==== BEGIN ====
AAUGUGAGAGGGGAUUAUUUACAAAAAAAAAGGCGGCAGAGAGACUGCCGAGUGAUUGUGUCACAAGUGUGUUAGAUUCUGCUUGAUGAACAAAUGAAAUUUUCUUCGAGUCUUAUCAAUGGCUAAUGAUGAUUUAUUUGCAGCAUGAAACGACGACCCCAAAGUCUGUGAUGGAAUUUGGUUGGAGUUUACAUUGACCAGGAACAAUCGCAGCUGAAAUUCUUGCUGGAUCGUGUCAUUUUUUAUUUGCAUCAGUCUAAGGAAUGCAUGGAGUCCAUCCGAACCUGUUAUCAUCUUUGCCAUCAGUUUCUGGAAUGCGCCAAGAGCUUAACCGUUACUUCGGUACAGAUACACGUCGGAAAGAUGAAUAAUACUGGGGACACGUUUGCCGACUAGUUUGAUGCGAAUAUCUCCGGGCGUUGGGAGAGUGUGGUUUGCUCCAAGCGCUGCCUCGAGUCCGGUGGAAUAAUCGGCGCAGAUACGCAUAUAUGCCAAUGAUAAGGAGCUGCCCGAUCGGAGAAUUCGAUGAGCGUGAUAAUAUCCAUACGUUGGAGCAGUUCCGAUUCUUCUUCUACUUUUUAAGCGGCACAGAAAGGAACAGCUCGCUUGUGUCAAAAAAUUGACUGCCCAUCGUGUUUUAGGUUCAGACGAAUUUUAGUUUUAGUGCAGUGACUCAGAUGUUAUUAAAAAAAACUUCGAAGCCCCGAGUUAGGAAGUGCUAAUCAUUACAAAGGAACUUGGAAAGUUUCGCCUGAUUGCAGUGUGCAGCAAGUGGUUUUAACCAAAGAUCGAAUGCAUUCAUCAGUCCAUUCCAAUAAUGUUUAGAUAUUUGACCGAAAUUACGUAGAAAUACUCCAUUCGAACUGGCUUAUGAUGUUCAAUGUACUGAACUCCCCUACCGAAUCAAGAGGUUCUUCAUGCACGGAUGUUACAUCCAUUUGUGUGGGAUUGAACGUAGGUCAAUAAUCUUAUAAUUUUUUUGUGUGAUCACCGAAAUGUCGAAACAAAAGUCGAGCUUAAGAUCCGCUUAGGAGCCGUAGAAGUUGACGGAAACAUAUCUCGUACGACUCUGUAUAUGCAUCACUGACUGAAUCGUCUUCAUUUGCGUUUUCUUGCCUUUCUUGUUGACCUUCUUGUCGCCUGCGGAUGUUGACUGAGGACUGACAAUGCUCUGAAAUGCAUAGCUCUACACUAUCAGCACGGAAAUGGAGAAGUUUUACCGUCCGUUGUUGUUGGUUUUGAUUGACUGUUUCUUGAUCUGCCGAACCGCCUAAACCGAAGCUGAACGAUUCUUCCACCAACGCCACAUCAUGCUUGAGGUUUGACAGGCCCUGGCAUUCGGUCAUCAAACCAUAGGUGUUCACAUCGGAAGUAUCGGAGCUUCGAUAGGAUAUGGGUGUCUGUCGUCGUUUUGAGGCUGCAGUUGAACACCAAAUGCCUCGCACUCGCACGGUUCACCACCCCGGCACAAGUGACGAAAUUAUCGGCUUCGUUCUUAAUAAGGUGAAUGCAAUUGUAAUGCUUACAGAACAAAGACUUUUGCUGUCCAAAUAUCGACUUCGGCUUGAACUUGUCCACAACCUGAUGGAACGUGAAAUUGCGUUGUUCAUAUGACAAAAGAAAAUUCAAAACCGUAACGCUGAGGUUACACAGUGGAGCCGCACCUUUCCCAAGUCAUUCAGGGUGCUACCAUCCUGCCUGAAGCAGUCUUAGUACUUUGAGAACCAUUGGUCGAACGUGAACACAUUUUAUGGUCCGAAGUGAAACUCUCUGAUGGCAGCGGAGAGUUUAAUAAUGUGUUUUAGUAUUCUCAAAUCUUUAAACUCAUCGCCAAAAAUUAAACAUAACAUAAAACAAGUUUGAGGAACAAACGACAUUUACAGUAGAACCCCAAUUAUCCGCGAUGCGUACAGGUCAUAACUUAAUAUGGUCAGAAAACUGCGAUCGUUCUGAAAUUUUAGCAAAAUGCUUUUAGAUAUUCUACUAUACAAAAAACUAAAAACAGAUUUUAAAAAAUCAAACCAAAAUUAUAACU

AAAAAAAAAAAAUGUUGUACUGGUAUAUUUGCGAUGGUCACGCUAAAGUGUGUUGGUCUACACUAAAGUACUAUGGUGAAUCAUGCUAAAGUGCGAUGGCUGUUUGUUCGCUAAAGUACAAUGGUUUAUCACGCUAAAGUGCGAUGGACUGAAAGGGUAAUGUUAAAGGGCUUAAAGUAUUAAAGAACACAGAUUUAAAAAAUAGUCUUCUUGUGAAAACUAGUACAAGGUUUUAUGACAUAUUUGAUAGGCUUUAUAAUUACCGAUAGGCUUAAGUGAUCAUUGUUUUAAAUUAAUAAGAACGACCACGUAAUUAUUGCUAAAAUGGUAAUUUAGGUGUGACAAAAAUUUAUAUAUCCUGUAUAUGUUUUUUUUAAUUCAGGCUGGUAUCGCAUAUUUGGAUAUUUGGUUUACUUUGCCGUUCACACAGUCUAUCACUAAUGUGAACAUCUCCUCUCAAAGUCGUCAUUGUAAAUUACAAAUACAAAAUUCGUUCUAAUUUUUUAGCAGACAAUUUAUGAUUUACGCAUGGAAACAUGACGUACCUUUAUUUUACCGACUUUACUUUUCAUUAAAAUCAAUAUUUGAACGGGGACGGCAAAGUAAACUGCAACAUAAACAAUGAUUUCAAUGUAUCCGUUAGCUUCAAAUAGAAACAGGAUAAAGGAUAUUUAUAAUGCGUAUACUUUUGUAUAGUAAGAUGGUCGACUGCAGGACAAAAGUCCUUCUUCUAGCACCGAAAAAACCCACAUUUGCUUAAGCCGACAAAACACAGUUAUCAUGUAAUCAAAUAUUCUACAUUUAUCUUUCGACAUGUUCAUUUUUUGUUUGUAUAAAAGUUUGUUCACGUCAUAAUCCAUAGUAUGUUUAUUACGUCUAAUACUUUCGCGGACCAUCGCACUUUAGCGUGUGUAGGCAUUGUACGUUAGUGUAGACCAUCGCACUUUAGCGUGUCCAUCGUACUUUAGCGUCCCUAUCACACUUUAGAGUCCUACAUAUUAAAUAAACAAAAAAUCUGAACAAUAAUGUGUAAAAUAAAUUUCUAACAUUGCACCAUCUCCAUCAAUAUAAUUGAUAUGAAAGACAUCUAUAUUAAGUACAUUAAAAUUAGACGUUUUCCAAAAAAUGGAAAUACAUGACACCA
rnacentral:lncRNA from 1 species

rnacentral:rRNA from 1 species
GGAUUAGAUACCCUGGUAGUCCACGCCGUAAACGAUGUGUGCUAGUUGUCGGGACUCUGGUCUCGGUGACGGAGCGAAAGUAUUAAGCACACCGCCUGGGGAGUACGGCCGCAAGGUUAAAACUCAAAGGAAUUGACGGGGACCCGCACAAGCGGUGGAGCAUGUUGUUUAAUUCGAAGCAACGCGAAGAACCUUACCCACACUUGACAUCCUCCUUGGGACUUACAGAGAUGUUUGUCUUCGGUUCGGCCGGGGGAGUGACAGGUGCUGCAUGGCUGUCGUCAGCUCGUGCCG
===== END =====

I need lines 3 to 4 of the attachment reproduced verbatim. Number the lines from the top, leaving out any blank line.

rnacentral:lncRNA from 1 species

rnacentral:rRNA from 1 species